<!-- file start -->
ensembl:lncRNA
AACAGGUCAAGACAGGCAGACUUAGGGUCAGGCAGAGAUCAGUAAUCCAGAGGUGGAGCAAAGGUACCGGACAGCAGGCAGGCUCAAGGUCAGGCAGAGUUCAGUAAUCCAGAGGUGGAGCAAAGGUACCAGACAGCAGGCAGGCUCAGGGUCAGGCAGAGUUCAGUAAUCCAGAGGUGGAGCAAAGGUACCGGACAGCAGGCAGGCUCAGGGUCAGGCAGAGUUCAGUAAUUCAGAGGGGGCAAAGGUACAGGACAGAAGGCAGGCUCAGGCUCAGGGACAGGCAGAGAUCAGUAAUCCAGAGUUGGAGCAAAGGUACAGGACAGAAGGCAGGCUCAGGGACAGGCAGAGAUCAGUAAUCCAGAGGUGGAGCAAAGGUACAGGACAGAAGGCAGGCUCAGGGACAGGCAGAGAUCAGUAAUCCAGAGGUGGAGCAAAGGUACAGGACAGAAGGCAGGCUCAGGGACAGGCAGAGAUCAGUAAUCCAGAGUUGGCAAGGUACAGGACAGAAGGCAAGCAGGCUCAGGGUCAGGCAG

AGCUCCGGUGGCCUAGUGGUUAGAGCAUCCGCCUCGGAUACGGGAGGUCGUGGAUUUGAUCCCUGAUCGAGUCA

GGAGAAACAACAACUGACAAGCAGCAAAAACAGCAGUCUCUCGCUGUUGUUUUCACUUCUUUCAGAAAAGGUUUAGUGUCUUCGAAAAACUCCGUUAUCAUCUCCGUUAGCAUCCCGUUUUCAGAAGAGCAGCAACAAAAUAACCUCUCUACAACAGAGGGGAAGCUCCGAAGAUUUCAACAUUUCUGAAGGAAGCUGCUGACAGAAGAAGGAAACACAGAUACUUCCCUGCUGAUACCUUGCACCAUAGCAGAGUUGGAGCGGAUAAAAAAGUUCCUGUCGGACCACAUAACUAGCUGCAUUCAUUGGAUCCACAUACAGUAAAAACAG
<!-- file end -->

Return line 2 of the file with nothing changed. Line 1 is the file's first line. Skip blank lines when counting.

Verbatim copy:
AACAGGUCAAGACAGGCAGACUUAGGGUCAGGCAGAGAUCAGUAAUCCAGAGGUGGAGCAAAGGUACCGGACAGCAGGCAGGCUCAAGGUCAGGCAGAGUUCAGUAAUCCAGAGGUGGAGCAAAGGUACCAGACAGCAGGCAGGCUCAGGGUCAGGCAGAGUUCAGUAAUCCAGAGGUGGAGCAAAGGUACCGGACAGCAGGCAGGCUCAGGGUCAGGCAGAGUUCAGUAAUUCAGAGGGGGCAAAGGUACAGGACAGAAGGCAGGCUCAGGCUCAGGGACAGGCAGAGAUCAGUAAUCCAGAGUUGGAGCAAAGGUACAGGACAGAAGGCAGGCUCAGGGACAGGCAGAGAUCAGUAAUCCAGAGGUGGAGCAAAGGUACAGGACAGAAGGCAGGCUCAGGGACAGGCAGAGAUCAGUAAUCCAGAGGUGGAGCAAAGGUACAGGACAGAAGGCAGGCUCAGGGACAGGCAGAGAUCAGUAAUCCAGAGUUGGCAAGGUACAGGACAGAAGGCAAGCAGGCUCAGGGUCAGGCAG